Last week, AHRC released two videos to share insights from its Connected Communities programme which you can view on their homepage. Connected Communities was an innovative cross-council initiative, which brought academics and partners from civil society, local government, the arts, culture and social enterprise to work together to understand the role and impact of communities in our health and well-being, economic prosperity and creativity, our history and our future. It was unique in encouraging work not only within, but also with communities, challenging existing ways of knowledge creation and power dynamics.
I was very fortunate to be involved in this programme, through a series of funded projects and through participation in its events and festivals. Some of my personal highlights were working with the Wards Corner Community Coalition as part of the Creative Citizens project, which led to the creation of a 3D virtual tour of their proposal for the re-development of the site (see some info here) and the development of a community asset mapping method in collaboration with colleagues at the Helen Hamlyn Centre for Design – you can download the Seeing Things Differently booklet which contains the toolkit.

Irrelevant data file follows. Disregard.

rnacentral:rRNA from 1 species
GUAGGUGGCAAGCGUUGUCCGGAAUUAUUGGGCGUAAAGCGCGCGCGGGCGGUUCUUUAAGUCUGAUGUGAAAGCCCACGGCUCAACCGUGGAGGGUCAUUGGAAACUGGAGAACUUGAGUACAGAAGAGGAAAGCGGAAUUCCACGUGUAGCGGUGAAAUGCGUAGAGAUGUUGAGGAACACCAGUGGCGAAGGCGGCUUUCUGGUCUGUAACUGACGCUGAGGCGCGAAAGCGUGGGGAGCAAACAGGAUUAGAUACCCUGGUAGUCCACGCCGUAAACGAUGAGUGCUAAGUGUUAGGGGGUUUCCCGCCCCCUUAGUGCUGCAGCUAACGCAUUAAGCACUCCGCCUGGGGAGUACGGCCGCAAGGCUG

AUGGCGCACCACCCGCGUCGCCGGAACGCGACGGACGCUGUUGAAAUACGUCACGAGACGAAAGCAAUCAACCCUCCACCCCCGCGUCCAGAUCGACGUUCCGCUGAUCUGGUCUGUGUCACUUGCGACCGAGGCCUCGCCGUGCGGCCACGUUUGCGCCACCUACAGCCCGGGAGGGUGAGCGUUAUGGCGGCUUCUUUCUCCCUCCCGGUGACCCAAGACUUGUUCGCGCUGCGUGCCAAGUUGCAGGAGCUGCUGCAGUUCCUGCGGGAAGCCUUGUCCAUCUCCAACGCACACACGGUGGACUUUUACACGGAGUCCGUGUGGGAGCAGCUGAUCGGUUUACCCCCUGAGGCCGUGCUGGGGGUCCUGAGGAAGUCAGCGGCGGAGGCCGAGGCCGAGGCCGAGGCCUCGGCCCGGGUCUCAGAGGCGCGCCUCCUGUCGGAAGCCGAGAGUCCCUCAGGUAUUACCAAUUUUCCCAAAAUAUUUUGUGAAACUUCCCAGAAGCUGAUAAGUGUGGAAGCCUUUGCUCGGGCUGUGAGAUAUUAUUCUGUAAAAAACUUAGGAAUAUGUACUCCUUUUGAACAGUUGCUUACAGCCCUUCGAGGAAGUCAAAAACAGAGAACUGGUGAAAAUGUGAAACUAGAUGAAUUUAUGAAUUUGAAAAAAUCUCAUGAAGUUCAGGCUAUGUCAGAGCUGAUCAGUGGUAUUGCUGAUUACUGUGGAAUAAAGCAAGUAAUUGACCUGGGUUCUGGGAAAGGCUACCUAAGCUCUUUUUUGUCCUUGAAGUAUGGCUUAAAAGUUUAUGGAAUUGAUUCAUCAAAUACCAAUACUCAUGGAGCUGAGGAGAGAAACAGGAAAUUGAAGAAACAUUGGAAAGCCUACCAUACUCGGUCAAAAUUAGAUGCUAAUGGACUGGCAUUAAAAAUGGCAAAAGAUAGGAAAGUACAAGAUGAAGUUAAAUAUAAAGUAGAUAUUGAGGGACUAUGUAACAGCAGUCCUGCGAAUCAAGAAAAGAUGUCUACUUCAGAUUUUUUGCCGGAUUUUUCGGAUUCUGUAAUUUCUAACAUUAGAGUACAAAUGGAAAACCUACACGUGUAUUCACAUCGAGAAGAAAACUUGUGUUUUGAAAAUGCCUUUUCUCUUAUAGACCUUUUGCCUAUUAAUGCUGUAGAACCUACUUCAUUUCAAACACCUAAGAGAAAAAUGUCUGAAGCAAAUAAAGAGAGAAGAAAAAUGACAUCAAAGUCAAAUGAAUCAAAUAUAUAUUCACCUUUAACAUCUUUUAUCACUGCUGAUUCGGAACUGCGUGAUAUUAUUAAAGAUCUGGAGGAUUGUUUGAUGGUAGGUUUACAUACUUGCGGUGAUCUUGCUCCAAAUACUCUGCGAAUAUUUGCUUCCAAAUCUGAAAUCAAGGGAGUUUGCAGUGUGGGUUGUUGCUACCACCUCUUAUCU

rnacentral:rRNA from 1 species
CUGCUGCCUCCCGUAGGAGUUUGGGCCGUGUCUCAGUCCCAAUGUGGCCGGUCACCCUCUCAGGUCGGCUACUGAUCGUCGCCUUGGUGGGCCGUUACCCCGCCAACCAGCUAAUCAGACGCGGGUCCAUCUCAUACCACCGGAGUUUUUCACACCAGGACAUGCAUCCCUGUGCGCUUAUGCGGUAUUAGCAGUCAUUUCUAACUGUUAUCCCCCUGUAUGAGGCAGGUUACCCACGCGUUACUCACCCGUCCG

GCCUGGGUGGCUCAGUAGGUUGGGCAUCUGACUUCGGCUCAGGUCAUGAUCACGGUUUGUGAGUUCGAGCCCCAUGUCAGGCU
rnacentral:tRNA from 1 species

I also remember fondly the Scaling up project and our brilliantly diverse cross-pollination projects with 6 small civil society organisations, the camaraderie with fellow academics and activists during our work mapping civic action in Greece, and the feeling of solidarity during AHRC’s Utopia Fair in Somerset House.
There is still one project running, Empowering Design Practices, in which we worked with many faith groups around the country and which was the longest of all and the richest in terms of challenging perceptions for me!
Through this research I have learned to see things differently, developed new ways of working and I have made new friends. Who says that research is all blood and tears?
You might also like to see the reflections of Connected Communities leadership fellow Keri Facer.